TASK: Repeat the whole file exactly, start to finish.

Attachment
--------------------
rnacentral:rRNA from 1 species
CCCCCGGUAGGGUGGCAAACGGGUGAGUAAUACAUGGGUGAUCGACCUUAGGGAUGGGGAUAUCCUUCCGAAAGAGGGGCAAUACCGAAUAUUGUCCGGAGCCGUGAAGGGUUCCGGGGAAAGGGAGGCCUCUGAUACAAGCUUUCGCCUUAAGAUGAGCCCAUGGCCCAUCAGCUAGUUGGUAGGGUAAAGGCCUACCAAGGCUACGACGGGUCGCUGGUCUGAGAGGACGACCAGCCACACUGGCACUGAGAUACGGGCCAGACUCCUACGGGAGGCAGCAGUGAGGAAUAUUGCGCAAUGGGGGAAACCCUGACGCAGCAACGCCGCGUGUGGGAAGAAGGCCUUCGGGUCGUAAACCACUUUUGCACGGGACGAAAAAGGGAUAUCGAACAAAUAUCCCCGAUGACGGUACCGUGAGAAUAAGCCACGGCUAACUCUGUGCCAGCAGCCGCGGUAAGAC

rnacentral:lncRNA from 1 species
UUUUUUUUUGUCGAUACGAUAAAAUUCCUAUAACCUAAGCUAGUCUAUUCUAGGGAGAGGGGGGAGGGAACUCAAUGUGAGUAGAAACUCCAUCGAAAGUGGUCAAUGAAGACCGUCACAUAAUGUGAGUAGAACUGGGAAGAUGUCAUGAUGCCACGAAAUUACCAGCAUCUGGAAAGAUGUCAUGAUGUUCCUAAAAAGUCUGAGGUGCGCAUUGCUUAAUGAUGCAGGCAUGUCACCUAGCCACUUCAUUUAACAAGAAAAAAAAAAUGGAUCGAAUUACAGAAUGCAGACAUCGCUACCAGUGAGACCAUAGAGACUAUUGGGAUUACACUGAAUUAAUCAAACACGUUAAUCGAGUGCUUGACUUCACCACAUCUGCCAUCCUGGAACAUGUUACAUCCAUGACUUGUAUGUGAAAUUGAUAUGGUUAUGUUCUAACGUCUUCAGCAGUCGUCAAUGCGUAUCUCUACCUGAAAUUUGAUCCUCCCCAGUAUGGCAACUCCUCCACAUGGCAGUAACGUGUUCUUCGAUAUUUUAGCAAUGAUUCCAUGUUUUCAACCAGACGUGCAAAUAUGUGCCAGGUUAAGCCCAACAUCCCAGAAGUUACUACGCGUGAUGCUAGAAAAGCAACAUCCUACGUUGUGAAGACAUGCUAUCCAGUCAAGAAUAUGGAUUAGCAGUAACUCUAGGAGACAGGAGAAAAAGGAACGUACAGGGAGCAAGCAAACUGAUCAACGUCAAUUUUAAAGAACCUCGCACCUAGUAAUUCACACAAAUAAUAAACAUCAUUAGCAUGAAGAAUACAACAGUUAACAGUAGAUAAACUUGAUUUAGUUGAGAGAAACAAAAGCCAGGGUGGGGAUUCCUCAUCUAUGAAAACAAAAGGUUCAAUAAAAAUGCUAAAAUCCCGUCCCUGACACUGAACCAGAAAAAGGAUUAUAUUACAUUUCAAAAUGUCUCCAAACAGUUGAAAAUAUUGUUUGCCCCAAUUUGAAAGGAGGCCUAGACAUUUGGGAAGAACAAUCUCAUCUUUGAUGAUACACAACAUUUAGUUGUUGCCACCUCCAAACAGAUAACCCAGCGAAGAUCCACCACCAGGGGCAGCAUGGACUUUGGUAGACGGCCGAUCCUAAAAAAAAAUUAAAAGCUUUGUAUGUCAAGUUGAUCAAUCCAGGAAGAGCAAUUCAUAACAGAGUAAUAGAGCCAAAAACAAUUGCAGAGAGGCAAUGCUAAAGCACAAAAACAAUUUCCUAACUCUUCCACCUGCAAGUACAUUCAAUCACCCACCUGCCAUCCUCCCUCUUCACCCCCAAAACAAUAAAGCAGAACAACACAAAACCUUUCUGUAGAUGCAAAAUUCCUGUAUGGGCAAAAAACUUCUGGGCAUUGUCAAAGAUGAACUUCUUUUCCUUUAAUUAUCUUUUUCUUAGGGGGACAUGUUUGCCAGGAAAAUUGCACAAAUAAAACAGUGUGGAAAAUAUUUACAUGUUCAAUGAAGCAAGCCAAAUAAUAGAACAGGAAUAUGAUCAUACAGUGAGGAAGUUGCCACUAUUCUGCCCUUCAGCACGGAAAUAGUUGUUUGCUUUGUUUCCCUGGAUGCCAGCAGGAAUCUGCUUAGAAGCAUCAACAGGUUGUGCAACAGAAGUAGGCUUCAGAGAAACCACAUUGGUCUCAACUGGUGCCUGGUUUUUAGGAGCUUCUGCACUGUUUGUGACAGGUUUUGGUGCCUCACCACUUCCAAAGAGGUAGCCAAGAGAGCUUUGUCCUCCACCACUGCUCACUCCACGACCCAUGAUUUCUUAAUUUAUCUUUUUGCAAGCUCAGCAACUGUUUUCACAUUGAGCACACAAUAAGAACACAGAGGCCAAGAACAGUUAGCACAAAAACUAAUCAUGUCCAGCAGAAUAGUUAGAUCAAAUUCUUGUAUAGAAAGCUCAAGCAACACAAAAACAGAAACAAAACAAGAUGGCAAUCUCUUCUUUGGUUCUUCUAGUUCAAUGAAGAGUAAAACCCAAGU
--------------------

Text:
rnacentral:rRNA from 1 species
CCCCCGGUAGGGUGGCAAACGGGUGAGUAAUACAUGGGUGAUCGACCUUAGGGAUGGGGAUAUCCUUCCGAAAGAGGGGCAAUACCGAAUAUUGUCCGGAGCCGUGAAGGGUUCCGGGGAAAGGGAGGCCUCUGAUACAAGCUUUCGCCUUAAGAUGAGCCCAUGGCCCAUCAGCUAGUUGGUAGGGUAAAGGCCUACCAAGGCUACGACGGGUCGCUGGUCUGAGAGGACGACCAGCCACACUGGCACUGAGAUACGGGCCAGACUCCUACGGGAGGCAGCAGUGAGGAAUAUUGCGCAAUGGGGGAAACCCUGACGCAGCAACGCCGCGUGUGGGAAGAAGGCCUUCGGGUCGUAAACCACUUUUGCACGGGACGAAAAAGGGAUAUCGAACAAAUAUCCCCGAUGACGGUACCGUGAGAAUAAGCCACGGCUAACUCUGUGCCAGCAGCCGCGGUAAGAC

rnacentral:lncRNA from 1 species
UUUUUUUUUGUCGAUACGAUAAAAUUCCUAUAACCUAAGCUAGUCUAUUCUAGGGAGAGGGGGGAGGGAACUCAAUGUGAGUAGAAACUCCAUCGAAAGUGGUCAAUGAAGACCGUCACAUAAUGUGAGUAGAACUGGGAAGAUGUCAUGAUGCCACGAAAUUACCAGCAUCUGGAAAGAUGUCAUGAUGUUCCUAAAAAGUCUGAGGUGCGCAUUGCUUAAUGAUGCAGGCAUGUCACCUAGCCACUUCAUUUAACAAGAAAAAAAAAAUGGAUCGAAUUACAGAAUGCAGACAUCGCUACCAGUGAGACCAUAGAGACUAUUGGGAUUACACUGAAUUAAUCAAACACGUUAAUCGAGUGCUUGACUUCACCACAUCUGCCAUCCUGGAACAUGUUACAUCCAUGACUUGUAUGUGAAAUUGAUAUGGUUAUGUUCUAACGUCUUCAGCAGUCGUCAAUGCGUAUCUCUACCUGAAAUUUGAUCCUCCCCAGUAUGGCAACUCCUCCACAUGGCAGUAACGUGUUCUUCGAUAUUUUAGCAAUGAUUCCAUGUUUUCAACCAGACGUGCAAAUAUGUGCCAGGUUAAGCCCAACAUCCCAGAAGUUACUACGCGUGAUGCUAGAAAAGCAACAUCCUACGUUGUGAAGACAUGCUAUCCAGUCAAGAAUAUGGAUUAGCAGUAACUCUAGGAGACAGGAGAAAAAGGAACGUACAGGGAGCAAGCAAACUGAUCAACGUCAAUUUUAAAGAACCUCGCACCUAGUAAUUCACACAAAUAAUAAACAUCAUUAGCAUGAAGAAUACAACAGUUAACAGUAGAUAAACUUGAUUUAGUUGAGAGAAACAAAAGCCAGGGUGGGGAUUCCUCAUCUAUGAAAACAAAAGGUUCAAUAAAAAUGCUAAAAUCCCGUCCCUGACACUGAACCAGAAAAAGGAUUAUAUUACAUUUCAAAAUGUCUCCAAACAGUUGAAAAUAUUGUUUGCCCCAAUUUGAAAGGAGGCCUAGACAUUUGGGAAGAACAAUCUCAUCUUUGAUGAUACACAACAUUUAGUUGUUGCCACCUCCAAACAGAUAACCCAGCGAAGAUCCACCACCAGGGGCAGCAUGGACUUUGGUAGACGGCCGAUCCUAAAAAAAAAUUAAAAGCUUUGUAUGUCAAGUUGAUCAAUCCAGGAAGAGCAAUUCAUAACAGAGUAAUAGAGCCAAAAACAAUUGCAGAGAGGCAAUGCUAAAGCACAAAAACAAUUUCCUAACUCUUCCACCUGCAAGUACAUUCAAUCACCCACCUGCCAUCCUCCCUCUUCACCCCCAAAACAAUAAAGCAGAACAACACAAAACCUUUCUGUAGAUGCAAAAUUCCUGUAUGGGCAAAAAACUUCUGGGCAUUGUCAAAGAUGAACUUCUUUUCCUUUAAUUAUCUUUUUCUUAGGGGGACAUGUUUGCCAGGAAAAUUGCACAAAUAAAACAGUGUGGAAAAUAUUUACAUGUUCAAUGAAGCAAGCCAAAUAAUAGAACAGGAAUAUGAUCAUACAGUGAGGAAGUUGCCACUAUUCUGCCCUUCAGCACGGAAAUAGUUGUUUGCUUUGUUUCCCUGGAUGCCAGCAGGAAUCUGCUUAGAAGCAUCAACAGGUUGUGCAACAGAAGUAGGCUUCAGAGAAACCACAUUGGUCUCAACUGGUGCCUGGUUUUUAGGAGCUUCUGCACUGUUUGUGACAGGUUUUGGUGCCUCACCACUUCCAAAGAGGUAGCCAAGAGAGCUUUGUCCUCCACCACUGCUCACUCCACGACCCAUGAUUUCUUAAUUUAUCUUUUUGCAAGCUCAGCAACUGUUUUCACAUUGAGCACACAAUAAGAACACAGAGGCCAAGAACAGUUAGCACAAAAACUAAUCAUGUCCAGCAGAAUAGUUAGAUCAAAUUCUUGUAUAGAAAGCUCAAGCAACACAAAAACAGAAACAAAACAAGAUGGCAAUCUCUUCUUUGGUUCUUCUAGUUCAAUGAAGAGUAAAACCCAAGU